A new survey of 250 banking and financial services companies has revealed the focus of their technology investment over the coming 12 months.
Banking and financial services firms plan to increase their IT spend significantly over the coming 12 months to improve both front and back-end technology, new research from Yobota has revealed.
The London-based technology company commissioned an independent survey among 250 senior decision-makers within banks and financial services companies. It showed that the vast majority (65%) plan to invest heavily in technology over the coming year, with 67% also planning to diversify the kinds of technologies they use.
Improving the quality of their core technology systems is a priority for 74% of firms. Similar numbers (73%) plan to invest in better data analytics to enable more informed decisions, while 67% will invest in application programming interfaces (APIs), and 65% in payment technologies.
Three quarters (74%) of banks and finance firms intend to improve customers’ digital experience by upgrading their website or app. Meanwhile, 63% plan to automate customer interactions through chatbots and robo-advisors.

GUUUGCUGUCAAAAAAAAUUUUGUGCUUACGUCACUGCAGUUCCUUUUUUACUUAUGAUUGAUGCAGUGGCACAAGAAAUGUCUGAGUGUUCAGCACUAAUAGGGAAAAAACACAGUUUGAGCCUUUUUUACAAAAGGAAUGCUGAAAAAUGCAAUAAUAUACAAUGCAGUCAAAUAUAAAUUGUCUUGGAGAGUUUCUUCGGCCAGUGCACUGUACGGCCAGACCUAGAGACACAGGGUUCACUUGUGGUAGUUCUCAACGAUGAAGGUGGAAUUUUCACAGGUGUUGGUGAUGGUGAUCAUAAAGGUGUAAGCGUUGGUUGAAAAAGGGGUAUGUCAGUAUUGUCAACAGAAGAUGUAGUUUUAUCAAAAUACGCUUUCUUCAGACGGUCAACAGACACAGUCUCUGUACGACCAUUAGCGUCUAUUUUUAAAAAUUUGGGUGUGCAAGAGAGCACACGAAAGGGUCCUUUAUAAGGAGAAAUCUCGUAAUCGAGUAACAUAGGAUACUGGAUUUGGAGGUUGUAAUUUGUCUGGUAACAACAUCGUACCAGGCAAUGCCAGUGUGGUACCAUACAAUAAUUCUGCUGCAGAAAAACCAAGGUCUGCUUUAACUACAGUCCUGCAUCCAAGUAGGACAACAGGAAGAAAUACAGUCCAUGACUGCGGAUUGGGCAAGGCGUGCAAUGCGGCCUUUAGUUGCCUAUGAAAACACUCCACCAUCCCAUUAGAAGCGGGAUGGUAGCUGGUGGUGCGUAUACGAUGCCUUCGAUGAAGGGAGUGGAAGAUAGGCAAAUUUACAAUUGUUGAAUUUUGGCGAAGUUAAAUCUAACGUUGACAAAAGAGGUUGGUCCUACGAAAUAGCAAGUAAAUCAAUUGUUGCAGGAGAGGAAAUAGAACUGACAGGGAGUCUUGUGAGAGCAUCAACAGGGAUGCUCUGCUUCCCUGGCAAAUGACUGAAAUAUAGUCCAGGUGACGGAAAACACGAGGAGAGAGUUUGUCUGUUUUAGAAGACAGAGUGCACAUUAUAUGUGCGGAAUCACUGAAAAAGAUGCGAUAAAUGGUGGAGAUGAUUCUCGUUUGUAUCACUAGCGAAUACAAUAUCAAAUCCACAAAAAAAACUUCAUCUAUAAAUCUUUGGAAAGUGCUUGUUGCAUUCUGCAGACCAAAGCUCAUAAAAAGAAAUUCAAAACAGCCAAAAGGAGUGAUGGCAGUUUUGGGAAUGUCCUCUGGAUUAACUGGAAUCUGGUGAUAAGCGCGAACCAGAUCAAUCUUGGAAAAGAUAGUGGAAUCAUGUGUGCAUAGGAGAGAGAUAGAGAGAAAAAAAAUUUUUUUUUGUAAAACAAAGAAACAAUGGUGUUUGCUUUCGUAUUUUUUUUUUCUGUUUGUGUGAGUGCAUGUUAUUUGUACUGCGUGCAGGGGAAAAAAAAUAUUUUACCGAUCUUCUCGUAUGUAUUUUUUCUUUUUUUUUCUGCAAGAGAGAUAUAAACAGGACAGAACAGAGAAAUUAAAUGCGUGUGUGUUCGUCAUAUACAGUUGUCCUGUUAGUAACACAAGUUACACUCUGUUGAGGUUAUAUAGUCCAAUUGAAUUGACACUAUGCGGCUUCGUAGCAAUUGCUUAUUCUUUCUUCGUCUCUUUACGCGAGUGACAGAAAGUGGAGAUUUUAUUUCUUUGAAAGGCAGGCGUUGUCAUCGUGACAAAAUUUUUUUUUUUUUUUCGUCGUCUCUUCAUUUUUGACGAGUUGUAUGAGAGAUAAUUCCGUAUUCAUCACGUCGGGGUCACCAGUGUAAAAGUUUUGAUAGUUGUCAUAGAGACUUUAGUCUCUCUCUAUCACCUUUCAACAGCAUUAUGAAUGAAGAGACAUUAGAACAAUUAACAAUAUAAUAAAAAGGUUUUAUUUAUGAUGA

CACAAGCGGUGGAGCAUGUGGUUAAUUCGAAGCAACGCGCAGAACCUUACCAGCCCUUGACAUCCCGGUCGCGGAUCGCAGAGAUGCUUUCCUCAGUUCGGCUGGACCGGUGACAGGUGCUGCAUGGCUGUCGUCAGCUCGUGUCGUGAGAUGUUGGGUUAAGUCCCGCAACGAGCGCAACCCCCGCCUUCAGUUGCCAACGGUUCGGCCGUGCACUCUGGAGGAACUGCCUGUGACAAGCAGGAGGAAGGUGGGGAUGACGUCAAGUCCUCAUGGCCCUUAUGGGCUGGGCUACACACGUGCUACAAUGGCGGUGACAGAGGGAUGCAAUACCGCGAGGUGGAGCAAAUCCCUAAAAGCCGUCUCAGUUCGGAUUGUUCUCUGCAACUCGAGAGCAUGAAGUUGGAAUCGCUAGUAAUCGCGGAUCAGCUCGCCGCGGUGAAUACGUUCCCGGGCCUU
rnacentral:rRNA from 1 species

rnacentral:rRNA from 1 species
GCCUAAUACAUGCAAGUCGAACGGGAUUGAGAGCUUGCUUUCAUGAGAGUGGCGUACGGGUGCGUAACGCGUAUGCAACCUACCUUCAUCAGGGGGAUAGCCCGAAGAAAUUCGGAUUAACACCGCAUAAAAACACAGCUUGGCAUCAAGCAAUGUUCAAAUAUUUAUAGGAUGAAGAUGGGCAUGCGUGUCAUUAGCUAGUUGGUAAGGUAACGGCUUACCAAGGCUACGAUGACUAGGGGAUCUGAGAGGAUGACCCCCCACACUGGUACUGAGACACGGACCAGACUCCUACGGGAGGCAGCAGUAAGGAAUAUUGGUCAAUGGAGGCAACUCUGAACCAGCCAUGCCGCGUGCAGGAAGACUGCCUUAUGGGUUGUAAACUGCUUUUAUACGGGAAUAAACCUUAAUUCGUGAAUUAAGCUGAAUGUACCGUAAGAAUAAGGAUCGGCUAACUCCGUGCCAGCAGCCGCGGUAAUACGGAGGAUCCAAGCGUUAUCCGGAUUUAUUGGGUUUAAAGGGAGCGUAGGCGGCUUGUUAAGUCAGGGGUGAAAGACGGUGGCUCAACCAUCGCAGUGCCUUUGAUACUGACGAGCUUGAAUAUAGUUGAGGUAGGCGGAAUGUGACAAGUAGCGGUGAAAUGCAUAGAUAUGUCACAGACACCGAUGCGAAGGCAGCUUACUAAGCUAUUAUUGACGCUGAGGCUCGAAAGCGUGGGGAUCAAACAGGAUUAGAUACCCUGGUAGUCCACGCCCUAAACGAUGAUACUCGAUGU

However, only 48% are confident that they have the right approach to adopting new technology to ensure they can adapt quickly to changing customer demands over the coming year.
In terms of goals, Yobota’s research found that 73% of finance companies are looking to invest in new tech over the coming 12 months with a view to improving their ability to acquire new customers, with 67% doing so to increase sales to existing customers.
Three in five (59%) said they intend to pursue a partnership with a technology provider to achieve their digital transformation projects.
Ion Fratiloiu, Head of Sales and Marketing at Yobota, said: “To remain competitive and meet the expectations of the modern customer, banks and financial services firms must begin to act like technology companies. Over the coming years, the ability to move quickly and deliver instant, personalised and flexible services are what will stand industry leaders apart from digital laggards.
“Positively, our research shows that the sector is taking note and businesses are investing heavily in new technologies. Importantly, digital innovation is taking place across both customer-facing and back-office platforms – it is often the latter that requires more attention.
“Investment in APIs, data analytics and the reinvention of core technologies suggests that banks are keen to replace outdated systems with best-in-class technology in preparation for a digital-first future. Meanwhile, the majority remain focused on improving customer interactions and solidifying retention – a cornerstone of long-term success.”